4) Dipstick & oil filler. The 1700 dipstick & oil filler WILL work, inside the Vanagon engine compartment. They are a little awkward, but they work. You do have to use a flexible dipstick (like the 2000 dipstick) in place of the rigid 1700 dipstick. Alternately, you can do what I did: drill the top of the 1700 case, to allow use of the 2000 dipstick (2000 & Porsche 914 run the dipstick tube in the TOP of the motor, to the right of the oil breather). I would recommend sticking with the 1700 parts; I changed mine while the engine was out, because I wasn't sure the 1700 parts would fit in the Vanagon engine compartment.
5) The Vanagon engine compartment is lower than the engine compartment in the earlier buses. The 1700 motor I bought had one of those single Weber 2bbl carbs, in the center of the motor. The air cleaner on that setup apparently is OK in the earlier buses, but it is about 1.5-2 inches too high for the Vanagon. Recommend low-profile dual carbs.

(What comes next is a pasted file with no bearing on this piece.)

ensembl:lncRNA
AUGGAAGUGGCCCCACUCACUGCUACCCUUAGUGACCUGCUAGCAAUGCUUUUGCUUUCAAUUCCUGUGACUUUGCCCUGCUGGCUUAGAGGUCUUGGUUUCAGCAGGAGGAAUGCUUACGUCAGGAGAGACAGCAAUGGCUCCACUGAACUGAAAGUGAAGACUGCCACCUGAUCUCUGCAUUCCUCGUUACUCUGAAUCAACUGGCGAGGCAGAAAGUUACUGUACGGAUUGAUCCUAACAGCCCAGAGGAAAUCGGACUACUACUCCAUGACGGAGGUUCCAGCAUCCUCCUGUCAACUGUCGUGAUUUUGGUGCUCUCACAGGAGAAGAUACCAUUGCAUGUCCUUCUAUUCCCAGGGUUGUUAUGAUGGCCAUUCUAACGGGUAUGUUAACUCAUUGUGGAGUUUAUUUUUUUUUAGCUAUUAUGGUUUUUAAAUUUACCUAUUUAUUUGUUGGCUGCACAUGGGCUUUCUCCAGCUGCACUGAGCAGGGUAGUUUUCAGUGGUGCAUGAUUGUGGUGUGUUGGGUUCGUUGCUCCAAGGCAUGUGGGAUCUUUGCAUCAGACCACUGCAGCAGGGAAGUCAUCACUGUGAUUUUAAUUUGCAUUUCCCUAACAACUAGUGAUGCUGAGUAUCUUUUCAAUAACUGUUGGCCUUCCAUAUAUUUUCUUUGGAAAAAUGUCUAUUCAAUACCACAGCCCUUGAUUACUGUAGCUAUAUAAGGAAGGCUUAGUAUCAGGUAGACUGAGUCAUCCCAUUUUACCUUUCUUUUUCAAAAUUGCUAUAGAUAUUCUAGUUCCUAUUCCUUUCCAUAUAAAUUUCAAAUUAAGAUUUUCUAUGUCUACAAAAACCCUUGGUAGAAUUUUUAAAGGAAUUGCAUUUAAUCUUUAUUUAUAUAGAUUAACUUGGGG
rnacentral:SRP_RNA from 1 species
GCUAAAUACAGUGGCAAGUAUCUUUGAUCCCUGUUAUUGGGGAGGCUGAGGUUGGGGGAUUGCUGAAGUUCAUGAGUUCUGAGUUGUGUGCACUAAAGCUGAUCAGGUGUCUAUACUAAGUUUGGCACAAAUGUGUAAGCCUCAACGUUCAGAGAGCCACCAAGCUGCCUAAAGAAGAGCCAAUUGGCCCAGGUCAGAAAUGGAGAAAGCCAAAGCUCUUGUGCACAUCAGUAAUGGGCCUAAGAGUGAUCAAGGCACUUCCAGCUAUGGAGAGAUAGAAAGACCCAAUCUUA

6) External voltage regulator.
7) Keep in mind that the Vanagon runs a lower 4.57 ring & pinion ratio than what VW used with the 1700s & 1800s, because it came with that 2000cc torque motor. My 1700 pulls the 4.57 no problem, in a Westfalia, but don't be bashful about down-shifting early, leaving it in 3rd in town instead of putting it in 4th, or letting it wind out to the speedo marks, going through the gears if you're merging. Work with it, and you'll be fine.
That's all I remember. Please feel free to message, if any questions.